By Doyice Cotten
In January, 2012, this site published an article, Do You Know About Rhabdomyolysis? It is a Must! The article introduced the illness, Rhabdomyolysis, to readers and explained the effects of the illness. Risk management suggestions were also included.
In a recent article, AthleticBusiness.com presented a news item that appeared in the Columbus Dispatch. The article stated:
Rhabdomyolysis, an ailment long known in the medical community, occurs when muscle fibers break down, releasing myoglobin into the bloodstream. Myoglobin is harmful and can cause kidney damage.
“There are two reasons why this is important,” said Kelsey Logan, a university-affiliated physician who serves on the NCAA Committee on Competitive Safeguards and Medical Aspects of Sports. “One is that rhabdo can have potentially serious consequences: renal failure, compartment syndrome, death. Those are fairly serious.
“And the second thing is, we know there are certain circumstances under which this is more likely to occur, and with fairly simple educational and practical techniques for prevention, those circumstances can be lessened so much.” [bold added.]
The article related to an earlier incident in which six Ohio State University women lacrosse players were victims of the disease. Since the incident, several parents of the victims have been imploring the president of OSU to take steps to teach the general public how to recognize symptoms of the disease, and, better yet, how to prevent Rhabdomyolysis.
Ohio State has released no details about the workouts that landed the players in the hospital.
“That type of injury is 100 percent avoidable,” said Jay Hoffman, president of the National Strength and Conditioning Association from 2009 to 2012. “That should never have happened. That’s absurd. People need to understand that rhabdo is not inherent with training. It’s a good indicator of a training program that is inappropriate.”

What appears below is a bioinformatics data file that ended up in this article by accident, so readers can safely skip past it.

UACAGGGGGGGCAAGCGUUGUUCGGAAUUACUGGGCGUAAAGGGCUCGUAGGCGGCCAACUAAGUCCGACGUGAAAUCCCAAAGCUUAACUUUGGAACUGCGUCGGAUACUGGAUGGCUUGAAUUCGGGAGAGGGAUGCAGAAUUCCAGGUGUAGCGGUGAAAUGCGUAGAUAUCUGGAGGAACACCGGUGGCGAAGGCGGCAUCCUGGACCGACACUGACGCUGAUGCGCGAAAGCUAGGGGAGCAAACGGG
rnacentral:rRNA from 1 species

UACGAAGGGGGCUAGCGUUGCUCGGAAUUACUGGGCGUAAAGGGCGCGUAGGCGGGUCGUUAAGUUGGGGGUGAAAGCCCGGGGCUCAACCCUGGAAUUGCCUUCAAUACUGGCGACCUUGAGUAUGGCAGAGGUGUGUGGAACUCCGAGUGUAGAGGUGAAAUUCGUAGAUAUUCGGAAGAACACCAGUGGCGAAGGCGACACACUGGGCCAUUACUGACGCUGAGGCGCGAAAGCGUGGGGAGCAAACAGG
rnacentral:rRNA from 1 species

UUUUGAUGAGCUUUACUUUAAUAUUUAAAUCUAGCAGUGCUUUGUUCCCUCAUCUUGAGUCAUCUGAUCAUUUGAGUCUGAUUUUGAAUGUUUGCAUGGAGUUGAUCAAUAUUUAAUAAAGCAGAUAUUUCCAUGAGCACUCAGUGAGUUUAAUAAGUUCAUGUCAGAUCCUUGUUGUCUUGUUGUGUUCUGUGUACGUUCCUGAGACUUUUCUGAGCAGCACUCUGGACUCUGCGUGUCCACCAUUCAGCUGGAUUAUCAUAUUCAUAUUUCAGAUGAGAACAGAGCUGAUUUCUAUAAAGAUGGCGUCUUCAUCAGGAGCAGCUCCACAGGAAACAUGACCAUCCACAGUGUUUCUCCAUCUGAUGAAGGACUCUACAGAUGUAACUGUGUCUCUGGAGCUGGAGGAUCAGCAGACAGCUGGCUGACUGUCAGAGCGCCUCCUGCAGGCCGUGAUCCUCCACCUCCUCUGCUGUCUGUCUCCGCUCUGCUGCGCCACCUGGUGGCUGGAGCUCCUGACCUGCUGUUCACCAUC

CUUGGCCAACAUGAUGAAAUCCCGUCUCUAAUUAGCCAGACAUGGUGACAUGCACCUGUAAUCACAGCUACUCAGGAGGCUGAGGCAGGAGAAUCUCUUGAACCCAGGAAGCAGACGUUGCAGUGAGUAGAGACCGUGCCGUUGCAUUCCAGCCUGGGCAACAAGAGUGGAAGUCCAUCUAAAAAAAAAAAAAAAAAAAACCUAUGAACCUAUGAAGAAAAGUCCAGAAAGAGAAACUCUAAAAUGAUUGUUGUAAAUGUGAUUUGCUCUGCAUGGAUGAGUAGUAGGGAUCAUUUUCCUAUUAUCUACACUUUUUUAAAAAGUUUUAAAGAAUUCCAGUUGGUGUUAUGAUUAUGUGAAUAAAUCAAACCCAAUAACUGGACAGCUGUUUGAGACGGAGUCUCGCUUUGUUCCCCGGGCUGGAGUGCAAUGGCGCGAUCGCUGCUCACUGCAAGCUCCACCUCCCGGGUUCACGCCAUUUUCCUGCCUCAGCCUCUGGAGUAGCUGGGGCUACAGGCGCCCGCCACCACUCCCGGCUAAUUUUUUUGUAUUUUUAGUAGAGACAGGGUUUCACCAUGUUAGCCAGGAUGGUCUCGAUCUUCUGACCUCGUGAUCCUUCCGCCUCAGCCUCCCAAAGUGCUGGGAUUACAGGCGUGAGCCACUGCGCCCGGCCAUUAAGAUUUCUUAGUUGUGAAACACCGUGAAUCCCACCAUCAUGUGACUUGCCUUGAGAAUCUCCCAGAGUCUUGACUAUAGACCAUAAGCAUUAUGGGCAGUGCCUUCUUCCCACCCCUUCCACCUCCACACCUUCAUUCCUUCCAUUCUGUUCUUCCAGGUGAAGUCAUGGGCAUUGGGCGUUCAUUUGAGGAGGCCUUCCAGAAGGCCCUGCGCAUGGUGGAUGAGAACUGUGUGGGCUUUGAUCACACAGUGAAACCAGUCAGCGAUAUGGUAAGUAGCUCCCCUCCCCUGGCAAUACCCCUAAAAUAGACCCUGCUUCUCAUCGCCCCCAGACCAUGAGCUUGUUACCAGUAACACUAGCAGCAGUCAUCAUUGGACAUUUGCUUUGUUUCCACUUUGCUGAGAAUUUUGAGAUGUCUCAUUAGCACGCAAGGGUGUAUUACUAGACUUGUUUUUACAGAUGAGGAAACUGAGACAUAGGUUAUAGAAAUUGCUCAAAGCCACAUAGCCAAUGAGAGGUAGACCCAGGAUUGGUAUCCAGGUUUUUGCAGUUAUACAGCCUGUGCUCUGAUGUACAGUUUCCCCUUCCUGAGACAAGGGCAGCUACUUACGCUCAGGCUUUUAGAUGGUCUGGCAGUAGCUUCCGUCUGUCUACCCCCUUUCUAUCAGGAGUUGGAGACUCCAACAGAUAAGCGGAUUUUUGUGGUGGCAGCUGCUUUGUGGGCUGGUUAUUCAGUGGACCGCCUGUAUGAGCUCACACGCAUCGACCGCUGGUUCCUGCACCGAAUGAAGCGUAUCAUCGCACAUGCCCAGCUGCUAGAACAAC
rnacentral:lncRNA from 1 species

Teaching the general public how to recognize symptoms and prevent rhabdo is why Kelly Becker’s parents have spent the past year asking OSU to publish a full report about the incident involving the women’s lacrosse team. Bill Becker, an attorney in the Ohio attorney general’s office, has stated that they are not interested in a lawsuit.
As we’ve said all along, we’re interested in making sure good things come out of this so it doesn’t happen at other universities or high schools, or to anybody playing sports. The only way that’s going to happen is if there is a published case history of this particular incident so everybody knows about it and everybody can learn from it.
Scott Anderson, head trainer at the University of Oklahoma and president of the College Athletic Trainers’ Society, stated that Rhabdomyolysis is caused by overdoing – and is referenced as an overuse syndrome. He said it results from too much of a novel type of exercise. The participant does too much of activity in too short of a period of time.
I urge the reader to click above on and read or re-read the original article. Also click above and read the entire Columbus Dispatch article.
- Rhabdomyolysis is not a joke! It often kills or disables a person for a year or more.
- Who needs to know about it? Anyone who participates in or directs strenuous conditioning or exercise.
- This means coaches, athletic directors, physical education instructors, personal trainers, athletes, persons trying to get in shape, …. The list could go on and on.
- It is a preventable disease – Read the risk management guidelines in Do You Know About Rhabdomyolysis? It is a Must!
Photo Credit: Thanks to GuySie at http://www.flickr.com/photos/guysie/3347267045/sizes/n/